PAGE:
Let Us Be Known By Our Love
My prayer is not for them alone. I pray also for those who will believe in me through their message, that all of them may be one, Father, just as you are in me and I am in you. May they also be in us so that the world may believe that you have sent me. I have given them the glory that you gave me, that they may be one as we are one—I in them and you in me—so that they may be brought to complete unity. Then the world will know that you sent me and have loved them even as you have loved me. (John 17:20-23. NIV)
I find it surprising that one of the last prayers that Jesus prayed on earth was that we, his followers, would be one. It’s also surprising that soon after Jesus prayed this prayer, he was betrayed by one of his own. It’s a tragic picture. With a kiss Judas betrays the man that stooped down to wash his feet, disrupting the very unity Jesus prayed for.
Too often, we, as believers, have pointed the finger at Judas, all the while overlooking the giant plank that lies in the eye of the body of Christ. We too have failed at living into the prayer that Jesus prayed. We have abandoned one other. We’ve forgotten to fight for unity, to endure in long-suffering, to lay down our personal agendas and preferences for something greater.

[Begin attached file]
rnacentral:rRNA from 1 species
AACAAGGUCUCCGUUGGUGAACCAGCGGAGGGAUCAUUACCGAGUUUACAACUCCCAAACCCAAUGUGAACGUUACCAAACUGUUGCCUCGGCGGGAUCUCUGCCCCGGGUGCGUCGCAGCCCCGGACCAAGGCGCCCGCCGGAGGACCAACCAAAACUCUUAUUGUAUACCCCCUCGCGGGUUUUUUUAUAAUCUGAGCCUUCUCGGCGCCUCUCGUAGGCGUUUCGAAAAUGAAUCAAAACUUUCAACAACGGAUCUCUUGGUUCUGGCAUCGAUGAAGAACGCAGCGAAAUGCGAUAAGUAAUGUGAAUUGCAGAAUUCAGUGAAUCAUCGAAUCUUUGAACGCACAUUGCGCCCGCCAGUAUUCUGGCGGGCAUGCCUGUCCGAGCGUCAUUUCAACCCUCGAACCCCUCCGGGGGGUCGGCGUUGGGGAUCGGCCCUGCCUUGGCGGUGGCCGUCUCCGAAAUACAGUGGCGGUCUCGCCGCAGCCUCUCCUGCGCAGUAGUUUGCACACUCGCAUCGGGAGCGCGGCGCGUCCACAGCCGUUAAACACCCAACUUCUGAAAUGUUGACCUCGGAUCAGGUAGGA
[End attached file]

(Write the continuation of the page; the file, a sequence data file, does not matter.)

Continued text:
Our Church gatherings should be a foretaste of what’s to come – a colorful Kingdom filled with people from every tribe, nation, and tongue. Sadly, Sunday mornings have become the most segregated hour of the week. Though segregation was abolished by the Civil Rights Act of 1964, you’d never know it by walking into the average American church on a Sunday. How did we get here? Even worse, how do we continue to stay here while witnessing the rising racial tension in our culture? From accusations of police brutality to church shootings, it seems we keep ignoring the issues. Shouldn’t we be leading the way? Shouldn’t we be the ones demonstrating what true unity looks like? We’ve grown lukewarm. We stay within the comforts of our own people, our our styles, our own sounds, our own preferences. We’ve made idols of ourselves. We think God is just like us, failing to see the God in our neighboring cultures and communities.
In John 13:35, Jesus says “By this everyone will know that you are my disciples, if you love one another.” As the Church we’ve been known for being many things. David Kinnaman released a study in 2007 that found what most people outside the Church think of Christians. Just to name a few: hypocritical, anti-homosexual, sheltered, too political. What if we truly were a people marked by love? What if our churches were the most colorful, vibrant, lively, and loving communities on the planet? What if we actively stood for racial reconciliation in our society and didn’t wait for the government to fix things? What if we did our part to answer the prayer that Jesus prayed?
Recently some friends and I wrote a song together based on John 13:35, titled Let Us Be Known By Our Love. Our prayer was that we truly would be a Church known by love. I pray that one day we may be able to sing the song as a truly unified Church. I invite you to pray with me as you listen to this song.